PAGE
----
kiwi-cookiesIn the final days of teaching, I had a little Bangalore belly, my only sickness here.  The other teachers covered my classes while I studied the tiles of my bathroom and made occasional excursions to bed.  I’d read that Indians love to play doctor and it seemed to be true.  For my stomach, one student prescribed gulab jamun, a desert made from balls of milk powder soaked in sweet syrup, or maybe lemon juice.  Another said that sleeping under a fan with a bare stomach is bad for digestion – I always do!  A third recommended I try bananas and avoid jackfruit.  Several expected me to be dosing up on drugs.  I took my own prescription of dry crackers or toast and Marmite, with glasses of the orange-flavoured rehydration mixture my Auckland doctor had prescribed – almost the only item of my medicine box that I used except for daily malaria tablets – and a day later things were looking up.

On most weekends students from the Northeast states prepared their chilli pork special, so hot it made their own noses run.  On my final evening, I helped Worchihan cook it in the male students’ kitchenette.  For chefs among my readers, here’s the formula:

Ingredients: pork, onions, garlic, ginger, salt, turmeric, and chilli powder from local markets.  King chillies and fermented bamboo shoots from the Northeast.

Instructions: Peel and slice onions, garlic and ginger, then crush with mortar and pestle.  Combine all ingredients and cook for an hour or two.  Do not add water.

In the cramped room, in long sleeves with trousers tucked into my socks to keep off mosquitoes, it was sweaty work. While we peeled and cut and crushed, Surendra entertained us with his guitar – Amazing Grace et al. – and with music on his phone.  “This is when we have fun”, said Worchihan once the pot was bubbling away: time to relax and chat, shaking the saucepan every five minutes to mix and avoid burning.  They helped me identify words in Bollywood songs and Hindi Christian choruses, before dancing to the Back Street Boys and Justin Bieber’s “Baby Baby Baby”.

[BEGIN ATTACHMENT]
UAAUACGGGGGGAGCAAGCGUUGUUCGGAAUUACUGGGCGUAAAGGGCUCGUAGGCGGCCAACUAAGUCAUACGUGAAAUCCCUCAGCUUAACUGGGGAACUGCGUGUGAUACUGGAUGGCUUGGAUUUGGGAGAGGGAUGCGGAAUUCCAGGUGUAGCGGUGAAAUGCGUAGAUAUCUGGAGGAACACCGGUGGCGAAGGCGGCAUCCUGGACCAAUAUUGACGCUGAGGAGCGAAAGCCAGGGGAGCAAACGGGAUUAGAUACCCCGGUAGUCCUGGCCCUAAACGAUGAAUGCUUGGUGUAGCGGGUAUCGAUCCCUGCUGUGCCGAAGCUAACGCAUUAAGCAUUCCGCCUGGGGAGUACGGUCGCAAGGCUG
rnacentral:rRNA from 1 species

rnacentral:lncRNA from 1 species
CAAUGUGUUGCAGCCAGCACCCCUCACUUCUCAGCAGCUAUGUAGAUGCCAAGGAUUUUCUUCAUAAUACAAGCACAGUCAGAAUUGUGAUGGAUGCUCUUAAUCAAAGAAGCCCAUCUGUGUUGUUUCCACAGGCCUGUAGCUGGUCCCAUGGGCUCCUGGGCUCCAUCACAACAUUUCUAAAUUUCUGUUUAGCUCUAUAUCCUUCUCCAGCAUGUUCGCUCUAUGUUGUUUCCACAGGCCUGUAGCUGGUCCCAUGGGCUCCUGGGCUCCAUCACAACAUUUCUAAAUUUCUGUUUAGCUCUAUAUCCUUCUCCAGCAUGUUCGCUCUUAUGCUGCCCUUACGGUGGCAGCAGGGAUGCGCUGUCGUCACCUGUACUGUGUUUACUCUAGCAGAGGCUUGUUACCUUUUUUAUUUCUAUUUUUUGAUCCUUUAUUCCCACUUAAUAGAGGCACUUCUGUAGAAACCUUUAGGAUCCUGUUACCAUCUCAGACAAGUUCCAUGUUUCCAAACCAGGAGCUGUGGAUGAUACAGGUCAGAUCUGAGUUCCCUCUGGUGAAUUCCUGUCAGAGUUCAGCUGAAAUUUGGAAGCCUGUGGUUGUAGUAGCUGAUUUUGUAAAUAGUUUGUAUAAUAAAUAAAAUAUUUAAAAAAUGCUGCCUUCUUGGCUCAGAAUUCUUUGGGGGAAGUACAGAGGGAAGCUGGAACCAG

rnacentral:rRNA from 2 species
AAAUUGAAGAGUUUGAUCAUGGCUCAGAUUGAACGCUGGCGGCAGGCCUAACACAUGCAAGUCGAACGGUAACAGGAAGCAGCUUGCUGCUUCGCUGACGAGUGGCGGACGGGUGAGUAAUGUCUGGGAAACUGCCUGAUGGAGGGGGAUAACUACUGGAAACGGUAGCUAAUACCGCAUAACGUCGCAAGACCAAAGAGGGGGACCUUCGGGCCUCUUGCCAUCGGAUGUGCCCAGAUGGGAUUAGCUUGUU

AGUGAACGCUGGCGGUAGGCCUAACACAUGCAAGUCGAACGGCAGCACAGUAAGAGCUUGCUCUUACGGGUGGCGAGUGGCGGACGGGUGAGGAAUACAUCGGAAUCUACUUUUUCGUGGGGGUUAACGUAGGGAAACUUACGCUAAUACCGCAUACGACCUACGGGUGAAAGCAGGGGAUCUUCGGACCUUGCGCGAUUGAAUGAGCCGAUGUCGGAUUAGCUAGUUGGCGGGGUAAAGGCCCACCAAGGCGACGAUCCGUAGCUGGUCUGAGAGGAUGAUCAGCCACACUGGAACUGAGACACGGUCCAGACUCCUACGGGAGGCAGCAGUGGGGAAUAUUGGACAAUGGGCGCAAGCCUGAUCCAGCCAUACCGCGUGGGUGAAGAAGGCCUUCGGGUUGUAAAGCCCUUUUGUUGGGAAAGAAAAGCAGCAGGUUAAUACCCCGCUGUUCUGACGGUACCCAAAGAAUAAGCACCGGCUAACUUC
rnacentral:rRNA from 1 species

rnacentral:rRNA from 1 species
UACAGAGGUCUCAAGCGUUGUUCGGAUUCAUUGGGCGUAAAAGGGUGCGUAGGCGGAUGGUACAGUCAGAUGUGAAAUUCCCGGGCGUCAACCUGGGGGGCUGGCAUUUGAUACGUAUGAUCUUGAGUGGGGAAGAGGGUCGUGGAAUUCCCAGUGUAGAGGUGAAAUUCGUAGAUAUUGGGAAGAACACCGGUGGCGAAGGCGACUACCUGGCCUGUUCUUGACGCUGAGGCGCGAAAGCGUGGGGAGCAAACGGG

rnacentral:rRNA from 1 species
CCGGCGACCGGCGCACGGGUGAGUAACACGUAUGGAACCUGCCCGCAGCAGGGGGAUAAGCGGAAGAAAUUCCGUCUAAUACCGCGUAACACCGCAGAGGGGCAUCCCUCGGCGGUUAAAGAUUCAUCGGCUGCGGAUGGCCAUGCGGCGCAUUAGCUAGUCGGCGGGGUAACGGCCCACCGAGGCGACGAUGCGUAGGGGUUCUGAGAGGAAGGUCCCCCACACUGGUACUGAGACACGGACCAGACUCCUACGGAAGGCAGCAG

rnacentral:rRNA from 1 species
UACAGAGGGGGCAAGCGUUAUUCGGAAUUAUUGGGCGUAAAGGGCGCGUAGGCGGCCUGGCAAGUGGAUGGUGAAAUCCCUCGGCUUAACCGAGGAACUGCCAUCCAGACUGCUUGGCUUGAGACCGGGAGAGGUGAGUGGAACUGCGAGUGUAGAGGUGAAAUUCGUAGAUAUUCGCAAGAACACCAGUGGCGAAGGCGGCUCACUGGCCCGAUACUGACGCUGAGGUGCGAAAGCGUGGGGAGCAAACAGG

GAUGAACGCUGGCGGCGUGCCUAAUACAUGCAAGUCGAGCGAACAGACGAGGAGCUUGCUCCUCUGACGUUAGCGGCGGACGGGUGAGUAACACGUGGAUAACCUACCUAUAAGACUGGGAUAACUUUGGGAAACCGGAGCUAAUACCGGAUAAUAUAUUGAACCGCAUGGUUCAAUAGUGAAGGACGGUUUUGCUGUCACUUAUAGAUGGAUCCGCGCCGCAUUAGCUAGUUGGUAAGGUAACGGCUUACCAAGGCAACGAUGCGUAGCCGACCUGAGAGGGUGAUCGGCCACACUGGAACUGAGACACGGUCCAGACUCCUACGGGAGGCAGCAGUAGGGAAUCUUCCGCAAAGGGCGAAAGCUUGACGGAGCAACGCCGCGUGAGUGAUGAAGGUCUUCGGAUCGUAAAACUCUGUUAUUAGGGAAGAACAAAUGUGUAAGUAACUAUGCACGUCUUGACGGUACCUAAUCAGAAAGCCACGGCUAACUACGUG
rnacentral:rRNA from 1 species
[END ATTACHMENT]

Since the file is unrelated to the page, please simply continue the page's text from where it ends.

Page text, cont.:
chilli-pork-specialThen up to the TV room for the interstate cricket semi-final of Delhi vs Chennai.  The last Delhi batter went out around 10:30pm and we trooped back down for pork and rice.  The spicy pork was a slight gamble with my recovering stomach but too good to miss, and despite my contribution it didn’t disappoint.  Except for Kevi, who complained that we’d only added four king chillies: there’d be a better taste with eight.

Biblical Power Plagues: Sweating in Suburban Bangalore

I find churches of every persuasion, marvel at Bangalore’s IT boom and measure its electrical bust; I’m as hot as James Bond but wet as a frog when it comes to catching snakes.

The surrounding suburb seems like the Bible Belt of Bangalore.  I’ve found no mosques, though heard a distant prayer call at night and passed the Masha Allah Chicken Biryani Hotel, so there are Muslims around, and I’ve only seen a few small Hindu temples which are mostly closed.

temple-entrance-gateThe 1.5m high granite slabs lining the road are painted with arrows to Christian organisations like Home of Hope – a rehabilitation center, Prison Fellowship, Campus Crusade for Christ, Union of Evangelical Students.  On an advert for “Nazareth Inc. UPS”, glowing electric blue stars radiate from an Uninterruptible Power Supply – something you can’t do without here: there’s a sermon illustration!

bangalore-biryani-restaurantWithin 15 minutes’ walk are Bethel Brethren, two different Assemblies of God, a large Church of South India (roughly like Anglican), Roman Catholic convents, a sign pointing to “Christ the King Church”, and the Infant Jesus Children’s Home.  Further along, past Omega Christian Books and the Galilee Fish and Chicken Center, a tall poster proclaims “Jesus, I trust in you”, with rays of light like red and blue sari fabric streaming from Christ’s heart.  The St Lourdes Grotto mimics the pilgrimage shrine in France with a small alcove of stones set in concrete beneath a statue of the Virgin Mary.  Murals depict the Nativity, life of Christ, and ascension of Mary.  A row of tea lights flicker as a tearful woman prays.

bangalore-catholicFor a software developer like me, Bangalore is a notable town.  In 1906, it became India’s first city with electricity.  It now has the country’s second highest literacy at 83% (after Mumbai), and the most engineering colleges, as well as the most pubs and the highest proportion of smokers (34%).  In the last two decades, it has become India’s IT capital.  The inventor of Hotmail grew up here and many Americans have been “Bangalored”, losing their jobs due to outsourcing.  Foreign IT campuses are self-contained cities, enclaves of America with first world facilities.